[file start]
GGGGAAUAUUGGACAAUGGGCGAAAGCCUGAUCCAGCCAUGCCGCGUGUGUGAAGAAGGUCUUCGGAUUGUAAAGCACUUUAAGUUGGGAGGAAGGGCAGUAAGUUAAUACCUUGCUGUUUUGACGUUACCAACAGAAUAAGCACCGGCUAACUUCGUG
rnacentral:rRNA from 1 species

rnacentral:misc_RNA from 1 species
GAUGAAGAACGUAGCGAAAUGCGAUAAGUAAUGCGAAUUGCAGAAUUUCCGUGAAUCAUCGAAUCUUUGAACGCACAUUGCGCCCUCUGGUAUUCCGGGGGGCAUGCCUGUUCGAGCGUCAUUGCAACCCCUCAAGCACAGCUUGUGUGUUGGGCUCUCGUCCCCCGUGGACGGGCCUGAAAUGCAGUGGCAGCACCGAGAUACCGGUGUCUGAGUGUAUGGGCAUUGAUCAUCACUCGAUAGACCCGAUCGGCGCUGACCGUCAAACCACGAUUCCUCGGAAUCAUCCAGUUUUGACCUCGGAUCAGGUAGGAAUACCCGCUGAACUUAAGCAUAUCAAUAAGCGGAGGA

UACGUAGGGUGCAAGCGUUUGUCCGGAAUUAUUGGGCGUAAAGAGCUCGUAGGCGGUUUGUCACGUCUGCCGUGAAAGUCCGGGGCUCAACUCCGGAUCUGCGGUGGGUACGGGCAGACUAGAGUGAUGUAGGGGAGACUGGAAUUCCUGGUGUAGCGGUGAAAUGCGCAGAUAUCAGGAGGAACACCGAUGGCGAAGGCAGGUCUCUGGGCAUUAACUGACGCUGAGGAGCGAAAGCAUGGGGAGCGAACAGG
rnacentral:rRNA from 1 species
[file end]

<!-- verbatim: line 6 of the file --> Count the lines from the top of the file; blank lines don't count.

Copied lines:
rnacentral:rRNA from 1 species